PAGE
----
MetaMask co-founders Aaron Davis and Dan Finlay shared their views on the downturn and the dangers of going all in on crypto, among other topics, during an interview with Vice.
Davis conceded that buying crypto is like gambling, as he commented on the proliferation of scams, Ponzi schemes, and hacks. With that, he said the current state of cryptocurrency shows it is not “the future of finance” yet and those who support going all in on crypto are encouraging “extremely dangerous behavior.”
Cryptocurrency investors have been humbled by the recent market downturn, driving home the risks of investing in digital assets. Moreso those who fell victim to the shenanigans at particular CeFi platforms.
CeFi is not DeFi
CeFi was sold based on accruing similar gains to DeFi, but with the benefits of being easy to use and having customer support.
Commenting on this, Finlay criticized the management teams for not acting under transparency, a primary tent of cryptocurrency, according to Finlay.
He added that many of these platforms were calling themselves DeFi but were, in fact, “operating as shadow banks,” employing high-risk strategies with users’ funds. That, Finlay said, is not operating transparently.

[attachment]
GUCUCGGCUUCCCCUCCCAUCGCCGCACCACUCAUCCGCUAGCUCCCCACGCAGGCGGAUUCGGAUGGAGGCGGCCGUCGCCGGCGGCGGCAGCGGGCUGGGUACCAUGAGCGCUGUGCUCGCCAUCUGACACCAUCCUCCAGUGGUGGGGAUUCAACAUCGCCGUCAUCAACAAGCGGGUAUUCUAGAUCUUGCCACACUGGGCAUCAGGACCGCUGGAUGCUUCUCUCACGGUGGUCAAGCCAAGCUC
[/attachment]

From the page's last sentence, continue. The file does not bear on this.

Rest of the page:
“A lot of the collapses that happened during this last round were things that were branding themselves as DeFi but then were actually kind of operating as shadow banks with massive leverage.”
How is MetaMask countering the bad actors?
As for making crypto safer, Finlay said MetaMask is limited in what it can do to stop the bad actors— adding that he is powerless to prevent people from making blockchain Ponzi schemes.
Because crypto wallets, such as MetaMask, are designed to connect to various protocols, Finlay said it’s a misconception that he can police the entire space and banish the scammers.
“It’s by definition impossible for us to wrap the whole thing into one unified bow and enforce it in a direction.“
That’s not to say the company isn’t taking action. The pair talked about making the wallet experience more “consensual,” and “harder for unreputable things to gain credibility.” However, other than not autodetecting (and displaying) airdropped tokens, the co-founders did not expand on the practical aspects of that.
A common airdropped token scam is generating interest with a significant USD value of airdropped tokens. Once the user realizes they cannot liquidate the “free tokens,” they are directed to a phishing site that attempts to persuade the user to input their recovery phrase under the guise of cashing in the tokens.